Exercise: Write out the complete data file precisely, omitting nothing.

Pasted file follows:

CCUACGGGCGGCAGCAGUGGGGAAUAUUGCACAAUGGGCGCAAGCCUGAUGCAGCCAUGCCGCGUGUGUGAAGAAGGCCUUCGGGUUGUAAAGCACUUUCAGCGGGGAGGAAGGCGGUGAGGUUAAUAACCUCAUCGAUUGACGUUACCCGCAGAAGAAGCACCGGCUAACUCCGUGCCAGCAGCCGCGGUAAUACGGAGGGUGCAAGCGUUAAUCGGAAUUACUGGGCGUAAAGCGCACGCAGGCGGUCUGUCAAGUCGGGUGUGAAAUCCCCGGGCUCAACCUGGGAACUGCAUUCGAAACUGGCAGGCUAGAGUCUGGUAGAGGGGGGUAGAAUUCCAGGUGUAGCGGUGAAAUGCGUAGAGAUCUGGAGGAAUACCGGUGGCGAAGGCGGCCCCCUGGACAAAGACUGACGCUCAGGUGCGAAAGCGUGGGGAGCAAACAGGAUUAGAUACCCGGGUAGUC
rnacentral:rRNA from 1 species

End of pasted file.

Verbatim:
CCUACGGGCGGCAGCAGUGGGGAAUAUUGCACAAUGGGCGCAAGCCUGAUGCAGCCAUGCCGCGUGUGUGAAGAAGGCCUUCGGGUUGUAAAGCACUUUCAGCGGGGAGGAAGGCGGUGAGGUUAAUAACCUCAUCGAUUGACGUUACCCGCAGAAGAAGCACCGGCUAACUCCGUGCCAGCAGCCGCGGUAAUACGGAGGGUGCAAGCGUUAAUCGGAAUUACUGGGCGUAAAGCGCACGCAGGCGGUCUGUCAAGUCGGGUGUGAAAUCCCCGGGCUCAACCUGGGAACUGCAUUCGAAACUGGCAGGCUAGAGUCUGGUAGAGGGGGGUAGAAUUCCAGGUGUAGCGGUGAAAUGCGUAGAGAUCUGGAGGAAUACCGGUGGCGAAGGCGGCCCCCUGGACAAAGACUGACGCUCAGGUGCGAAAGCGUGGGGAGCAAACAGGAUUAGAUACCCGGGUAGUC
rnacentral:rRNA from 1 species